She was still staring in the mirror when a car door slammed outside. Streak, always the first to finish eating, abandoned his dish and raced to the front door, barking furiously. Leaving their food uneaten, the other dogs followed suit in a raucous, noisy chorus.
"Quiet," the woman urged. "It's all right."
Milling in excited circles, the agitated dogs paid no attention. The woman waded through them as far as the front window. Tweaking one corner of the curtain, she peeked outside. She recognized the familiar truck as soon as she saw it.
"What are you doing here?" she demanded, without moving toward the door.
The dogs had quieted briefly. At the sound of her voice they resumed barking. "Quiet," she ordered once more. This time the dogs didn't stop. Their deafening barking continued unabated as her unwelcome visitor began pounding on the front door.
"Open up," a voice called from outside. "Let me in. I need to talk to you."
"No. Go away. Leave me alone. Please."
The woman watched spellbound as the front doorknob jiggled. Fortunately the door was locked. She always kept it that way. After a long moment, the jiggling stopped abruptly. Creaking footsteps retreated across the rickety front porch and down the steps. As they started around the side of the mobile, the woman realized in dismay that she had been in such a rush when she came into the house with the dogs that the back door might still be unlocked.
Alarmed, she headed there. Her overly excited dogs impeded her progress at every step. No matter how she tried to maneuver, one or another of them was in her way. She reached the back door just in time--just as that doorknob, too, began to turn. When the door started to open, the woman sprang against it and slammed it shut. First she twisted the small button on the knob that locked the door. Then, for good measure, she shoved home the dead bolt as well.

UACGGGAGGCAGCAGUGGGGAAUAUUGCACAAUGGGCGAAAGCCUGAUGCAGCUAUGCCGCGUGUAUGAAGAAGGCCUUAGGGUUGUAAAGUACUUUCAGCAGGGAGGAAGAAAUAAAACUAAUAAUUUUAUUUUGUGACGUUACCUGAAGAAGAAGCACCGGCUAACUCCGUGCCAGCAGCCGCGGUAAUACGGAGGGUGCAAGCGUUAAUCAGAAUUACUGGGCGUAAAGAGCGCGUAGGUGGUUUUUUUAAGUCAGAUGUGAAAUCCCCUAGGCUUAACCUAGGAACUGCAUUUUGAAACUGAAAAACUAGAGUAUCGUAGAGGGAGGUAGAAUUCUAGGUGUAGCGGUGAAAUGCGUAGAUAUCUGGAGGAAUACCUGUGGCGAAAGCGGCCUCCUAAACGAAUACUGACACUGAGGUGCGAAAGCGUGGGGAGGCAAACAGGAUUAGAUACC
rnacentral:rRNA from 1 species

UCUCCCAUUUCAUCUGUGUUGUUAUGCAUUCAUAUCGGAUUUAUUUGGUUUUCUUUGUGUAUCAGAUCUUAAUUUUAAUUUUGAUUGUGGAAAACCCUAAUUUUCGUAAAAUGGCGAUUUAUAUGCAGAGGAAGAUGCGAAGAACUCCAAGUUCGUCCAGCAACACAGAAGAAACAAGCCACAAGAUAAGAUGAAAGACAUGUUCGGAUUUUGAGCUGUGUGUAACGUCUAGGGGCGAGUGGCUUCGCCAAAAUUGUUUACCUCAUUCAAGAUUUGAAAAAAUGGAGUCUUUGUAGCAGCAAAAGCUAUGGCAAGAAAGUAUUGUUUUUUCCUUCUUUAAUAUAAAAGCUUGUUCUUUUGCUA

"Let me in!" her visitor complained. "I have to talk to you."
Breathing rapidly, the woman leaned against the door and closed her eyes in relief. "I don't want to talk to you," she retorted. "Go away."
She was still standing just that way when the first of the bullets ripped through the door's thin aluminum shell and slammed into her midsection. The powerful .45-caliber bullet ripped into her flesh and propelled her backward until she came to rest against the flimsy paperboard wall behind her. As the wall collapsed under her weight, another bullet found its mark and pounded into her shoulder. She was already off balance and falling, and the force of the second bullet spun her around so that when she landed she was facedown. Other bullets were fired as well, but they flew harmlessly overhead. The fallen woman wasn't conscious of any of them. All she heard was the sound of her dogs, barking, and barking--trying to protect her. But it was too late for that--much too late.
Sometime later, she came to. Oscar was pressed to her side, whining and licking her face. In the background she heard the other dogs as well, whimpering and whining. Drifting in and out of consciousness, she tried to reach out to pet Oscar, but her right arm was useless. She saw that the dog was covered with blood. At first she thought Oscar had been shot as well, but as soon as she attempted to move, she knew the truth. Wounded, bleeding badly, and in need of help, she was the one who was in trouble.
Using only her left arm and with terrible effort, she inched her way along the linoleum-covered floor, down the hall, through the kitchen and into the living room. All the while the dogs continued to race around her as if trying to understand if this was some new game. The woman knew that the phone was there--in the living room. All she had to do was reach it and dial 911. If she did that, someone would come to help her. And they would have, too, but the woman never made it that far. She dragged her bleeding body as far as the living room, where the telephone sat on a corner table next to the couch. It was no more than a foot away from her grasping fingers, but it might just as well have been on the moon.
The foregoing is excerpted from Exit Wounds by J. A. Jance. All rights reserved. No part of this book may be used or reproduced without written permission from HarperCollins Publishers, 10 East 53rd Street, New York, NY 10022.
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